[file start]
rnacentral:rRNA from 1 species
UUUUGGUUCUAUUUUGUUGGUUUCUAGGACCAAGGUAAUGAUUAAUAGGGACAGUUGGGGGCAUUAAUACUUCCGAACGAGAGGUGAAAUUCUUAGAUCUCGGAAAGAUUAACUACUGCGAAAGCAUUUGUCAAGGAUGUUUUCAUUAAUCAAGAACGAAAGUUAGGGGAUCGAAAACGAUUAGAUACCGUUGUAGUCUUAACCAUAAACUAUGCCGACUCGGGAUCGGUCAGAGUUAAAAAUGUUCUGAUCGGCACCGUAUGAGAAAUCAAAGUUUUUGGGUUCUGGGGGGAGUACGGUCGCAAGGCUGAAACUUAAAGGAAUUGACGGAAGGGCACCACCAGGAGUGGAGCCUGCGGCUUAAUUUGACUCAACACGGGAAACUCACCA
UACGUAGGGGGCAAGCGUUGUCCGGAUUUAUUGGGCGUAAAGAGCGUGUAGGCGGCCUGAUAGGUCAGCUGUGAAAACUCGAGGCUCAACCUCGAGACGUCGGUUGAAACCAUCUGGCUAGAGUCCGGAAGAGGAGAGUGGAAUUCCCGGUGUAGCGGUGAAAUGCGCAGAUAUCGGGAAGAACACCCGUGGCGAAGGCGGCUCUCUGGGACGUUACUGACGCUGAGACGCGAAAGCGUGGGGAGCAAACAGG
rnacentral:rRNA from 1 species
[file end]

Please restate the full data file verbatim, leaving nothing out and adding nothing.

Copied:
rnacentral:rRNA from 1 species
UUUUGGUUCUAUUUUGUUGGUUUCUAGGACCAAGGUAAUGAUUAAUAGGGACAGUUGGGGGCAUUAAUACUUCCGAACGAGAGGUGAAAUUCUUAGAUCUCGGAAAGAUUAACUACUGCGAAAGCAUUUGUCAAGGAUGUUUUCAUUAAUCAAGAACGAAAGUUAGGGGAUCGAAAACGAUUAGAUACCGUUGUAGUCUUAACCAUAAACUAUGCCGACUCGGGAUCGGUCAGAGUUAAAAAUGUUCUGAUCGGCACCGUAUGAGAAAUCAAAGUUUUUGGGUUCUGGGGGGAGUACGGUCGCAAGGCUGAAACUUAAAGGAAUUGACGGAAGGGCACCACCAGGAGUGGAGCCUGCGGCUUAAUUUGACUCAACACGGGAAACUCACCA
UACGUAGGGGGCAAGCGUUGUCCGGAUUUAUUGGGCGUAAAGAGCGUGUAGGCGGCCUGAUAGGUCAGCUGUGAAAACUCGAGGCUCAACCUCGAGACGUCGGUUGAAACCAUCUGGCUAGAGUCCGGAAGAGGAGAGUGGAAUUCCCGGUGUAGCGGUGAAAUGCGCAGAUAUCGGGAAGAACACCCGUGGCGAAGGCGGCUCUCUGGGACGUUACUGACGCUGAGACGCGAAAGCGUGGGGAGCAAACAGG
rnacentral:rRNA from 1 species